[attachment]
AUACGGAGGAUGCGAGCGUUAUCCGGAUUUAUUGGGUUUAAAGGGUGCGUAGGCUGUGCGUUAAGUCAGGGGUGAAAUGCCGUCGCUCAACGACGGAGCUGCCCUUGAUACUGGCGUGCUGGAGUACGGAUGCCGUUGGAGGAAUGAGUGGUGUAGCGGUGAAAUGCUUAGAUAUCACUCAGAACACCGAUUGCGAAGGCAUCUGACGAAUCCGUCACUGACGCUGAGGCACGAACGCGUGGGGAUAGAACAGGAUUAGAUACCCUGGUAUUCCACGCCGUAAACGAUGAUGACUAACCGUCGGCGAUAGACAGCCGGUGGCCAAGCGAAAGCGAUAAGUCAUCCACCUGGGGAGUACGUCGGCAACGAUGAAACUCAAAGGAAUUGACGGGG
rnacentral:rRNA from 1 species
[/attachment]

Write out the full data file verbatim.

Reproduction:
AUACGGAGGAUGCGAGCGUUAUCCGGAUUUAUUGGGUUUAAAGGGUGCGUAGGCUGUGCGUUAAGUCAGGGGUGAAAUGCCGUCGCUCAACGACGGAGCUGCCCUUGAUACUGGCGUGCUGGAGUACGGAUGCCGUUGGAGGAAUGAGUGGUGUAGCGGUGAAAUGCUUAGAUAUCACUCAGAACACCGAUUGCGAAGGCAUCUGACGAAUCCGUCACUGACGCUGAGGCACGAACGCGUGGGGAUAGAACAGGAUUAGAUACCCUGGUAUUCCACGCCGUAAACGAUGAUGACUAACCGUCGGCGAUAGACAGCCGGUGGCCAAGCGAAAGCGAUAAGUCAUCCACCUGGGGAGUACGUCGGCAACGAUGAAACUCAAAGGAAUUGACGGGG
rnacentral:rRNA from 1 species